What About Vision & Dental Insurance?
If your first full-time job benefits include vision and dental than you are pretty set. The cost of these benefits is typically pretty reasonable. Besides, not having to pay anything beyond a co-pay to get your eyes and teeth checked ensure great vision and long lasting teeth.
Retirement Choices for Your First Full-Time Job
There are a lot of retirement options out there, chances are your employer will offer you a 401k retirement account. They may even give you money to put in it, find out if there is an employer match. Some companies will offer a 6% match or maybe just a 1% match or maybe no match at all. Take the time to understand your employer’s retirement program so you can squeeze out as much money as possible.
The best thing you can do for your 20 something self is to start saving for retirement now. Seriously, no excuses you will so be so glad you started saving for retirement as soon as you could. If your company does offer a match you need to be contributing enough to at least get the match, otherwise, you are throwing away free money.
What Does Company Match Mean?
Company match means that they will match whatever you contribute up to a certain amount. So for example, if your company offers a 100% match up to 5% it means they will match you, dollar for dollar if you contribute 5% of your income to your retirement account. Keep in mind that 401k contributions are typically pre-tax which means, you will owe less in taxes overall.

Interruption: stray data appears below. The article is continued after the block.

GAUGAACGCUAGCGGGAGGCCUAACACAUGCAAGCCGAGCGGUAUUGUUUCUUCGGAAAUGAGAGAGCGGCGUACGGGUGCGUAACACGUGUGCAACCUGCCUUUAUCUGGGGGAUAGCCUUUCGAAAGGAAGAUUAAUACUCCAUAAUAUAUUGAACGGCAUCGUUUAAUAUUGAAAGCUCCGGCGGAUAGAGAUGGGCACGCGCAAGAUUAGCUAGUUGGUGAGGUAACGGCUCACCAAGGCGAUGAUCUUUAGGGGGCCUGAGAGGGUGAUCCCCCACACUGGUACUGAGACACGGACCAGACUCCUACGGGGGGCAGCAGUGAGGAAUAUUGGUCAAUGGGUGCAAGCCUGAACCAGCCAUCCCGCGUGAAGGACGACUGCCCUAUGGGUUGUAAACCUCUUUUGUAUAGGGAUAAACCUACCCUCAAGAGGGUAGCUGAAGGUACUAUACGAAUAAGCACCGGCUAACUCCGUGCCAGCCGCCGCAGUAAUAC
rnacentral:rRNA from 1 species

What Other Options for Retirement Saving Do I Have?
If your company doesn’t offer you an opportunity to save for retirement in a 401k account, you should still take advantage of the money you are making with your first full-time job. Open either an IRA (Individual Retirement Account) or a Roth IRA.
Unlike a 401k that is sponsored by your employer, an IRA and Roth IRA is sponsored by you and you alone.
- Pre-tax Contributions – Like a 401k, your contributions to your IRA are pre-tax. Meaning you are taxed as if you didn’t earn that money so you will owe less in taxes. So if you make $50,000 and put the maximum of $5,500 into an IRA, you will only be taxed as though you made $44,500. Similar to the 401k you will be taxed on your withdrawals.
- Gains aren’t taxed during contribution – The gains your contribution/investment aren’t considered taxable income. Meaning you won’t be taxed on your gains until you start withdrawing. This becomes even more useful as your total account grows over the years. The average (though it is not guaranteed) gain throughout the lifetime of the contribution is 7% each year. The first year being taxed on a 7% gain on the initial investment of $5,500 would only be $385 additional income. However, twenty years later assuming you maxed out your IRA each year your gains would be closer to $6,000 which is a good chunk more to be taxed on.